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Increment and Decrement Operators

There are some operations that occur so frequently in writing assignment statements that C++ has shorthand methods for writing them.

One common situation is that of incrementing or decrementing an integer variable. For example:

n = n + 1;
n = n - 1;

C++ has an increment operator ++ and a decrement operator --. Thus

n++; can be used instead of n = n + 1;
n--; can be used instead of n = n - 1;

The ++ and -- operators here have been written after the variable they apply to, in which case they are called the postincrement and postdecrement operators. There are also identical preincrement and predecrement operators which are written before the variable to which they apply. Thus

++n; can be used instead of n = n + 1;
--n; can be used instead of n = n - 1;

Both the pre- and post- versions of these operators appear to be the same from the above, and in fact it does not matter whether n++ or ++n is used if all that is required is to increment the variable n. However both versions of the increment and decrement operators have a side effect which means that they are not equivalent in all cases. These operators as well as incrementing or decrementing the variable also return a value. Thus it is possible to write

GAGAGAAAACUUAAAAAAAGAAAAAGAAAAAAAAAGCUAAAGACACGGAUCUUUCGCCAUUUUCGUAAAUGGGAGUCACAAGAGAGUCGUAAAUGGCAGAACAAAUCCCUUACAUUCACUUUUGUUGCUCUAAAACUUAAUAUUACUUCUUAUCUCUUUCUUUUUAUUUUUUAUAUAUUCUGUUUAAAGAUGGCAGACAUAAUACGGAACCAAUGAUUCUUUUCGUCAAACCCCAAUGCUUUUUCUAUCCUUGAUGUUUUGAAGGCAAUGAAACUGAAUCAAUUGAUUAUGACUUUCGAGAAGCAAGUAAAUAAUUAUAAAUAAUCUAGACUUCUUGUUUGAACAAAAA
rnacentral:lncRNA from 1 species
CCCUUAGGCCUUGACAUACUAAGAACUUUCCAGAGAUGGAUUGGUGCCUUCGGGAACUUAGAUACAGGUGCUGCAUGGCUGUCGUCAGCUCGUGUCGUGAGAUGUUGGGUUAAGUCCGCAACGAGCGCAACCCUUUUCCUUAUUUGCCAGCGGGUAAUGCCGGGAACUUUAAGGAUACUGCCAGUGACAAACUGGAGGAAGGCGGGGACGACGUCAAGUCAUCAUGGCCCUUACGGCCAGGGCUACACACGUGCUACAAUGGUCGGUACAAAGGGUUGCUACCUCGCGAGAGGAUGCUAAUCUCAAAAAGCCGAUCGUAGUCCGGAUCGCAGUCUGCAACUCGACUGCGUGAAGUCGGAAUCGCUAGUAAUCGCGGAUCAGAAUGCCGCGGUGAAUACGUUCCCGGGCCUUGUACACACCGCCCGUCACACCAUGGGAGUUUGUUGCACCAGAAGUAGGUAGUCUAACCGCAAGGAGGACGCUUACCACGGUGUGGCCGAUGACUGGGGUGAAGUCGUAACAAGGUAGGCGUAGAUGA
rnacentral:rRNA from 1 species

i = n++;

What value does i take? Should it take the old value of n before it is incremented or the new value after it is incremented? The rule is that a postincrement or postdecrement operator delivers the old value of the variable before incrementing or decrementing the variable. A preincrement or predecrement operator carries out the incrementation first and then delivers the new value. For example if n has the value 5 then

i = n++;
would set i to the original value of n i.e. 5 and would then increment n to 6. Whereas
i = ++n;
would increment n to 6 and then set i to 6.

For the moment this notation will only be used as a shorthand method of incrementing or decrementing a variable.


next up previous
Next: Specialised Assignment Statements Up: Further Assignment Statements & Previous: Further Assignment Statements &
Peter JB King
1999-08-31